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Castle View High School seniors Rachel Decker and Andrea Alfano joined hundreds of classmates in not attending school the mornings of Nov. 5 and 6 for the state-mandated Colorado Measures of Academic Standards assessments.
“We're all in a way protesting,” Decker said. “That's how we see it.”
“There's a huge amount of us that are not taking it,” added Alfano. “Most of the seniors got their parents to sign them out of it. It's taking us out of our classes to do something that's really not helpful to us. We won't get our results until we're already in college, so there's really not any benefit to it.”
Alfano's and Decker's parents agreed with the students' decision not to participate in the six hours of assessments.
“We think seniors have enough on their plate with jobs, ACT tests, family life, college applications,” Kollette Decker said. “They don't need any more testing. It's just getting out of hand.”
“The schools for years had standardized testing, but it always ended in sophomore year, so there was none junior and senior year,” Laura Alfano said. “It's hard enough to get them invested in their senior year in the first place. This is not against the principal or the school. It's just a waste of time.”
Aside from concerns about the tests' relevancy for seniors, Laura Alfano said the time reserved for the lengthy, online assessments takes away from class time.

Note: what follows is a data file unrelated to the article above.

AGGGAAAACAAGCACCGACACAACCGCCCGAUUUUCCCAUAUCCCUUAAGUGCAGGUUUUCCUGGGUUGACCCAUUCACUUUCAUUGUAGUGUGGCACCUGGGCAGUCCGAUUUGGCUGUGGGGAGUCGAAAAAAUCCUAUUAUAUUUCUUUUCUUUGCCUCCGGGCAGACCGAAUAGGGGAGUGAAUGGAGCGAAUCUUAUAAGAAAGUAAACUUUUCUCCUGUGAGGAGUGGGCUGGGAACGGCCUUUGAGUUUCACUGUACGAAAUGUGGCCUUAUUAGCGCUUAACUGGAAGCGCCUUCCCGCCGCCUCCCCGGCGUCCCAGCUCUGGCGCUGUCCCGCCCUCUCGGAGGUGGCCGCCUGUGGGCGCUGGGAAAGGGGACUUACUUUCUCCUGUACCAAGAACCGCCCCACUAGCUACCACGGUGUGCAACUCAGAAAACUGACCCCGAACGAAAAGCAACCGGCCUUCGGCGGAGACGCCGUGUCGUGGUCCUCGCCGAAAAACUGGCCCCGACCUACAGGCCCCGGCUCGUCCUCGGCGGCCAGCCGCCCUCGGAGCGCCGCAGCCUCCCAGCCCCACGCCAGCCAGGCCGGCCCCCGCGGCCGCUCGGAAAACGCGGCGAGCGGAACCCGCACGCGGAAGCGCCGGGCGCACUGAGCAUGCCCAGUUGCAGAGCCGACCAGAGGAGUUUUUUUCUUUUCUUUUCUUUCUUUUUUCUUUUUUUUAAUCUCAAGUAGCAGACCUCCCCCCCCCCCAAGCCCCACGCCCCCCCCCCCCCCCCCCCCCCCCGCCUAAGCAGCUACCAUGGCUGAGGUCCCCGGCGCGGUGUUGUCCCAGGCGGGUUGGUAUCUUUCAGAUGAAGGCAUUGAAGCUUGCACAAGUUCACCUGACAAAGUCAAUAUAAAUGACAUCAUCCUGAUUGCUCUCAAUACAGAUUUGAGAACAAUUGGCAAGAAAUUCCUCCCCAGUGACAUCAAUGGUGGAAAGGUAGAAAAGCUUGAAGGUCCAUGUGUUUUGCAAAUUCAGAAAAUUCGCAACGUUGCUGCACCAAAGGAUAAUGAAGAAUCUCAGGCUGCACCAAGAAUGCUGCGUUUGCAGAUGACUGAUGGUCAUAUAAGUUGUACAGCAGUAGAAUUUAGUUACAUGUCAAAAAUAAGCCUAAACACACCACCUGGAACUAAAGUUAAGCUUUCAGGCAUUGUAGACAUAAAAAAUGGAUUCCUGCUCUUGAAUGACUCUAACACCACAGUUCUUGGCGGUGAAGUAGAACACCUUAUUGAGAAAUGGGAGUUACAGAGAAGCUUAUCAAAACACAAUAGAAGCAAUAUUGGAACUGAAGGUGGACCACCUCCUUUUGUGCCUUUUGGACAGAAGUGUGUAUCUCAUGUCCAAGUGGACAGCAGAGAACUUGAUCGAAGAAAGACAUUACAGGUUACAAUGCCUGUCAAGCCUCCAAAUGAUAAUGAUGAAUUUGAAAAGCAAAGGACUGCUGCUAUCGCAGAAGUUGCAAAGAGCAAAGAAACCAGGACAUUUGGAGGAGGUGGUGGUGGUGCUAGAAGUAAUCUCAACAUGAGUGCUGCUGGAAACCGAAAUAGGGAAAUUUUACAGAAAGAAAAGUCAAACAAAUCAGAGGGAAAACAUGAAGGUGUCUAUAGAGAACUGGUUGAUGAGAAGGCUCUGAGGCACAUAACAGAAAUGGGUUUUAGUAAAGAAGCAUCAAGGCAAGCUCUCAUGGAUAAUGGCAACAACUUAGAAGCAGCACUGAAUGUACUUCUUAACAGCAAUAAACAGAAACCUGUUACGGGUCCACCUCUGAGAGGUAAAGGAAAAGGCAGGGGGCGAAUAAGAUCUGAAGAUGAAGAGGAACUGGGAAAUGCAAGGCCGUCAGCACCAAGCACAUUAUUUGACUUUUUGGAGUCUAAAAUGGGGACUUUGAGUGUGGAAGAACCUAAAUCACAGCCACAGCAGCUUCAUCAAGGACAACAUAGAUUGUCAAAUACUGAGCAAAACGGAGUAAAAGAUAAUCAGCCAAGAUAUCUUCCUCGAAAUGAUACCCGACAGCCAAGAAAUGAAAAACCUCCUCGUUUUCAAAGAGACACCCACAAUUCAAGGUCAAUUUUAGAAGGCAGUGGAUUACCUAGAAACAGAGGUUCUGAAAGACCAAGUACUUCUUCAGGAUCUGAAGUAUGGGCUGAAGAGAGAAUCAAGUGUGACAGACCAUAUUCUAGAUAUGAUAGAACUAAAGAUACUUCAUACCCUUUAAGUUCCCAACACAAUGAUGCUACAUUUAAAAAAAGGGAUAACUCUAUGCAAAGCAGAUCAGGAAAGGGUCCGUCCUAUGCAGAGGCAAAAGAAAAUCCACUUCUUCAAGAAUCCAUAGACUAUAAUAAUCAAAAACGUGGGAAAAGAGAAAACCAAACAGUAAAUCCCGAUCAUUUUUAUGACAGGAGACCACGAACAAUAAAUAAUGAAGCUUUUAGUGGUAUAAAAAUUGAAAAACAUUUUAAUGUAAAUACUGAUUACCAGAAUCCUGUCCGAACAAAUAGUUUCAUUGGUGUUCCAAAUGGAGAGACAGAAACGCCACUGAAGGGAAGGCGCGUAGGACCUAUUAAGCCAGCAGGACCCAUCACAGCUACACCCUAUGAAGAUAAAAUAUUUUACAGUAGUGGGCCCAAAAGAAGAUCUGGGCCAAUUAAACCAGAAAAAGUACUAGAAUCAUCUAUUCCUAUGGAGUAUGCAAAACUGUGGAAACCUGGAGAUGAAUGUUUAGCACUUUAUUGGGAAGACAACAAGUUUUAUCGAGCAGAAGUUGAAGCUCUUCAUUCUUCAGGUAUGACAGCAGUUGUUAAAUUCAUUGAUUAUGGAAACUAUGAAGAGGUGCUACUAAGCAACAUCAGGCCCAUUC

“Right now, her toughest class is AP Literature,” she said. “With this testing, she will miss two days of it.”
That includes instruction to prepare for the AP Literature exam.
“A test she will take eventually that will matter and will earn her college credit,” Laura Alfano said.
Rachel Decker and her mom plan to write a letter about their testing concerns to state legislators.
“I don't have a whole lot of faith in the Legislature but we're going to try,” Kollette said.
Andrea Alfano said she understands lack of student participation could impact the school's rating.
“If I were to take the test, I probably wouldn't do well because it's on things I don't take and haven't been taught,” she said. “I'm not saying we don't care about the school because we're graduating. But the school's rating shouldn't really be determined by seniors who are leaving that year.”
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